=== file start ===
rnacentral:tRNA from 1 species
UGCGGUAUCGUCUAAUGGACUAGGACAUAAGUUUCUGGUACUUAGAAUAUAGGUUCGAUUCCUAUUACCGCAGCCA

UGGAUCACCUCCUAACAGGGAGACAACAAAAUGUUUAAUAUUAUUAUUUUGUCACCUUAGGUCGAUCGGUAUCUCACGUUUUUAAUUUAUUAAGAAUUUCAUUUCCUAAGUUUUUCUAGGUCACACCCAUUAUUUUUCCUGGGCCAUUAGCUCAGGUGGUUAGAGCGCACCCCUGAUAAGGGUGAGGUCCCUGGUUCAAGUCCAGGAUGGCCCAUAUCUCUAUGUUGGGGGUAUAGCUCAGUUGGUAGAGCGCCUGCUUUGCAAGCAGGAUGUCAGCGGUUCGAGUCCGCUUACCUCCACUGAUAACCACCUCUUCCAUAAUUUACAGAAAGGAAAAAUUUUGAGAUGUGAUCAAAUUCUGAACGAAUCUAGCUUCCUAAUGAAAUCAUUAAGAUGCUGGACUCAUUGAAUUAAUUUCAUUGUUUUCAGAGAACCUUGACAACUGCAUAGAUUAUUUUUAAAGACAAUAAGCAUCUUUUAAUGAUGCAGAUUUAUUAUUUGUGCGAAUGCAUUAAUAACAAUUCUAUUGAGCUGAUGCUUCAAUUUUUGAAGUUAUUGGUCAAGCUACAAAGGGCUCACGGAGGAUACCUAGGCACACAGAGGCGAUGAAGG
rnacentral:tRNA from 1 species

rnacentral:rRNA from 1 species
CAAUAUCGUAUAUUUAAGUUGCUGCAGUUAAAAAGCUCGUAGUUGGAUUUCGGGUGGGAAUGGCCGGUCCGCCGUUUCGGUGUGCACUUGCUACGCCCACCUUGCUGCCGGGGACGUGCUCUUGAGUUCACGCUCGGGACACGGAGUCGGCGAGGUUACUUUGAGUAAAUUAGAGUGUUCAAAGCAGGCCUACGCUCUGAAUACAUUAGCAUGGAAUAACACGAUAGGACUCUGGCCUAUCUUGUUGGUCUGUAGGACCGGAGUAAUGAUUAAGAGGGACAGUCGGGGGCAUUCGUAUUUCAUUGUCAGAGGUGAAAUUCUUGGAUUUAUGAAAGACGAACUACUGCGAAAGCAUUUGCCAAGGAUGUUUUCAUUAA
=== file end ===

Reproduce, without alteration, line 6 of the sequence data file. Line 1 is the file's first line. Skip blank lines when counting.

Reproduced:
CAAUAUCGUAUAUUUAAGUUGCUGCAGUUAAAAAGCUCGUAGUUGGAUUUCGGGUGGGAAUGGCCGGUCCGCCGUUUCGGUGUGCACUUGCUACGCCCACCUUGCUGCCGGGGACGUGCUCUUGAGUUCACGCUCGGGACACGGAGUCGGCGAGGUUACUUUGAGUAAAUUAGAGUGUUCAAAGCAGGCCUACGCUCUGAAUACAUUAGCAUGGAAUAACACGAUAGGACUCUGGCCUAUCUUGUUGGUCUGUAGGACCGGAGUAAUGAUUAAGAGGGACAGUCGGGGGCAUUCGUAUUUCAUUGUCAGAGGUGAAAUUCUUGGAUUUAUGAAAGACGAACUACUGCGAAAGCAUUUGCCAAGGAUGUUUUCAUUAA